​The first thing I noticed about the prechorus was the parallel perfect fifths (off to the music theory Gulag, Martin and Ilya!) between the bassline and Grande's lead vocal.

This sequence is repeated at the beginning of each of the three phrases in the prechorus, as well as another time with the synth playing the upper melody sans the vocal line.

The chorus is a huge shift from the prechorus in terms of the melody, the harmony, and the sonic texture, but it still features parallel motion between the bass and vocal line, which acts as a glue element.

This time, it's parallel thirds (plus 1 or 2 octaves) instead of fifths. The parallel motion in the chorus is not as rhythmically in sync as in the prechorus, but is still very obvious.

(Note: Due to the length of the examples, I separated the staff and piano roll notation below)

Parallel 3rds

As a bonus, the backing vocals starting at 2:48 also move in parallel motion to the bass, with the most prominent voice moving in parallel octaves. These backing vocals are brought forward in the mix at 3:04-3:20 to continue the parallel motion because the prechorus melody and the chorus harmony are juxtaposed in this subsection and do not move in parallel.

The Prechorus Melody Stays Diatonic

In the verse, the vocal melody does hit on the C# that comes from the A major chord, but in the prechorus it sticks to C-natural and stays diatonic to the key of A minor. 

This not only helps the prechorus feel more related to the chorus, but it allows the prechorus/chorus juxtaposition that I mentioned earlier (which is probably my favorite moment in the song).

Juxtaposing sections is one of Martin's signature moves--particularly juxtaposing the chorus over the final postchorus, as he has done in Britney Spears's "Till the World Ends", Demi Lovato's "Cool for the Summer", and Taylor Swift's "Delicate". But because of the switch from a majorized chord progression to a diatonic minor one, this juxtaposition required some extra planning.

The verse melody, for example, would have sounded awful over the chorus chord progression because there would be too much dissonant clashing. The prechorus melody, however, even though it is originally heard over the same chord progression as the verse, seems to have been carefully planned to work over the chorus progression as well.

​This juxtaposition gives us a glimpse into the high-level compositional skills of the songwriting and production team that created this song, and goes a long way towards molding the scattered parts of this song into a cohesive unit.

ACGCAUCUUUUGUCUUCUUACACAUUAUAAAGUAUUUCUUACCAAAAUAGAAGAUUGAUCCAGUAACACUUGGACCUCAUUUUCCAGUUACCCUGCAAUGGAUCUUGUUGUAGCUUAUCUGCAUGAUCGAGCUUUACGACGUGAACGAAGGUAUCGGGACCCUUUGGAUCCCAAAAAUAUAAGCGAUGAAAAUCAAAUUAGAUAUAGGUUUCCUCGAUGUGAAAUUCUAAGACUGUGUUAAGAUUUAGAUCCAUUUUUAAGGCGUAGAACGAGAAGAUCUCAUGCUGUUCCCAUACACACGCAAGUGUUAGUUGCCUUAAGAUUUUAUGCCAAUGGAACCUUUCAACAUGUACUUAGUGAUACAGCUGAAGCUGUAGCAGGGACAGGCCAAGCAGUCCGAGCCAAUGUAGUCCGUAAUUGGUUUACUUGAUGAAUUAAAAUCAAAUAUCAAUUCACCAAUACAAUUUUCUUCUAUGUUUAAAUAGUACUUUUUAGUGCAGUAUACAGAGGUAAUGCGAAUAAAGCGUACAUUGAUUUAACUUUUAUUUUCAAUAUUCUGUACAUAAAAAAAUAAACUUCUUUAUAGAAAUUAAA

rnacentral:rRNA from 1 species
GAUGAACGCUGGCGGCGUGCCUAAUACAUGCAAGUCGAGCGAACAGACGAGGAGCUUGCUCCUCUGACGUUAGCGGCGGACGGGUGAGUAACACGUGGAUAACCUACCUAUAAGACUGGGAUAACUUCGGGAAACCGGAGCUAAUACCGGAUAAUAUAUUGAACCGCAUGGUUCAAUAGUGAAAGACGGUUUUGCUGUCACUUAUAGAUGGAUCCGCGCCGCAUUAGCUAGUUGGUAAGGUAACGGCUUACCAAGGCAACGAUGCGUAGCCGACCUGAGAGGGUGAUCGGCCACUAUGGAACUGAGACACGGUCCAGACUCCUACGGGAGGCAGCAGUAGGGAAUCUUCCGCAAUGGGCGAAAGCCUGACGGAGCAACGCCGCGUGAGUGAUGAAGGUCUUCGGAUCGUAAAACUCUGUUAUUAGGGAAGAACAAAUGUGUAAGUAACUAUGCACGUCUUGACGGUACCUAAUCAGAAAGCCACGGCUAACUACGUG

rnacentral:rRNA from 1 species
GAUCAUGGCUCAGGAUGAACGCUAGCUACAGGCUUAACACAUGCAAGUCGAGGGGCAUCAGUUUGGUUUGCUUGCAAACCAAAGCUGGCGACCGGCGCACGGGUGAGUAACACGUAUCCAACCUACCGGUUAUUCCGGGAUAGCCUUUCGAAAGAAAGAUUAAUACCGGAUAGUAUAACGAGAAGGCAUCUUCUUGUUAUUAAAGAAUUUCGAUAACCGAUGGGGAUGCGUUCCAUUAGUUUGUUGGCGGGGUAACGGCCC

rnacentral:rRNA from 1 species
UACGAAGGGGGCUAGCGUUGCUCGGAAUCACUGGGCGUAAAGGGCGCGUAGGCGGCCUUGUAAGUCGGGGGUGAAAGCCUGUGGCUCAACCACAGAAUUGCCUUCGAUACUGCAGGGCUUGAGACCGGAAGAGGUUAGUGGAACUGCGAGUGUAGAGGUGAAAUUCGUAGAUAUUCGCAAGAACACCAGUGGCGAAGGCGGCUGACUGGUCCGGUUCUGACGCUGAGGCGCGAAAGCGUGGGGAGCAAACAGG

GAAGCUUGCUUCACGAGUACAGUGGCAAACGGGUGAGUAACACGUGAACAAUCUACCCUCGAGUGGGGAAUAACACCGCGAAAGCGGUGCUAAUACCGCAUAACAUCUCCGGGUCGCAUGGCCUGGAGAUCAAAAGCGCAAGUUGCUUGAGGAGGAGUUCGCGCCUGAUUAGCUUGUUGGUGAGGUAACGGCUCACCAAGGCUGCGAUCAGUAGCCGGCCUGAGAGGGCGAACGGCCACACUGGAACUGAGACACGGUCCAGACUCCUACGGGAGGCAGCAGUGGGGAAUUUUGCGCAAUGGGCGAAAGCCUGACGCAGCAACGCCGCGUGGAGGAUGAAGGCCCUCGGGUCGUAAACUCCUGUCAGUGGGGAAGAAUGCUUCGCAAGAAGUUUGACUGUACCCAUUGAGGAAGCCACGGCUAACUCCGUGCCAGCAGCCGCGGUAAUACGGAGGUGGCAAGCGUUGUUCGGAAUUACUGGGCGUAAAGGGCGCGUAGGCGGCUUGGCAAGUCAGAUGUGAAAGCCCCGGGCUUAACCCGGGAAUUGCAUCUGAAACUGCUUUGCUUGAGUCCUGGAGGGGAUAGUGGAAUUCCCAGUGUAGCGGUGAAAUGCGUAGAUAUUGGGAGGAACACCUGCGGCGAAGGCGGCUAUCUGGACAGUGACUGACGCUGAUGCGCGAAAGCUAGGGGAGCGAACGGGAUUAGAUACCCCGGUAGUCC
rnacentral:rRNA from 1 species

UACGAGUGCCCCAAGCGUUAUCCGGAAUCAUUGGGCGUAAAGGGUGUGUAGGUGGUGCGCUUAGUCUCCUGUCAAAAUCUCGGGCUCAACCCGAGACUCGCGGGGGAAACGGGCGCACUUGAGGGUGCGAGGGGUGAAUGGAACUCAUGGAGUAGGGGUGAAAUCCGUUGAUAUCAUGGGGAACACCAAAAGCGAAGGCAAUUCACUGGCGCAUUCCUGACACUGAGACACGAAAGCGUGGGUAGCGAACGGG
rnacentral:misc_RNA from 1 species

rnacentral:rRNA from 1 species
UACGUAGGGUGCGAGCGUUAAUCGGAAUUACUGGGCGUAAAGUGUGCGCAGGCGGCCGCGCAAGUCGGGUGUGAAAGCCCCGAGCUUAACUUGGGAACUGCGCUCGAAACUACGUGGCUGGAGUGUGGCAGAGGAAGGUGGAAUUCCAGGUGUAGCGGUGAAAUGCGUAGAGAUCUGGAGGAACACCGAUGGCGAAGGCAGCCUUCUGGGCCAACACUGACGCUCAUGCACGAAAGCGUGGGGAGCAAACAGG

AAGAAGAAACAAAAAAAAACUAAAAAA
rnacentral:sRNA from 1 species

The Absence of a Bridge

One more thing that I found interesting is the big-picture form of "No Tears Left to Cry". It's made up of two meta-sections, rather than the usual three, and leaves out the bridge. There are songs that do this--Sia's "Chandelier" or the Chainsmokers' "Roses", for example--but it's certainly not the norm. In fact, I can't think of any bridgeless song that features Max Martin in the credits.

I have no doubt that this was not a random decision, and that Martin and the rest of the team had very good musical reasons that persuaded them to not include a bridge.

If I try to put myself in their shoes, these are the reasons I would come up with:

1. A bridge’s role is to provide contrast and “loosen up” a relatively tight structure. Since there are already quite a lot of loose parts in this song, loosening it up too much more could make it fall apart.

2. The prechorus/chorus juxtaposition in a way makes up for the absence of a bridge because it fuses existing parts to create something new. It is also located where a bridge would normally be.

I'm not sure if those were actually their reasons, but hopefully they would agree with me that those are good justifications to ditch the bridge in this song.

RelatedA Sonic Twist in the Plot: The Bridge in Modern Pop

Will "No Tears Left to Cry" Be a Hit?

My gut feeling is that this song's chart performance will be similar to that of another recent hit--Taylor Swift's "Look What You Made Me Do"--which soared to #1 on the Billboard Hot 100 but fell off pretty quickly. Both songs are interesting and have received a lot of hype upon their release, as one would expect from lead singles from two of the pop world's mega-superstars would receive. But both also venture away from a lot of current pop conventions, which can make it difficult to hook the masses for a long period of time.

That said, I would not be surprised at all if after a few weeks, "No Tears Left to Cry" seeps into our collective systems and proves once again that no one can come close to Max Martin and his collaborators when it comes to knowing not what their audience wants, but what it needs

Update (APR-26-2018): A previous version of this post wrongly attributed the production of Taylor Swift's "Look What You Made Me Do" to Max Martin. As was pointed out in the comments below by Marcus Labanda, it was Jack Antonoff--and not Max Martin--who produced this song. I have updated the post to remove the attribution to Martin.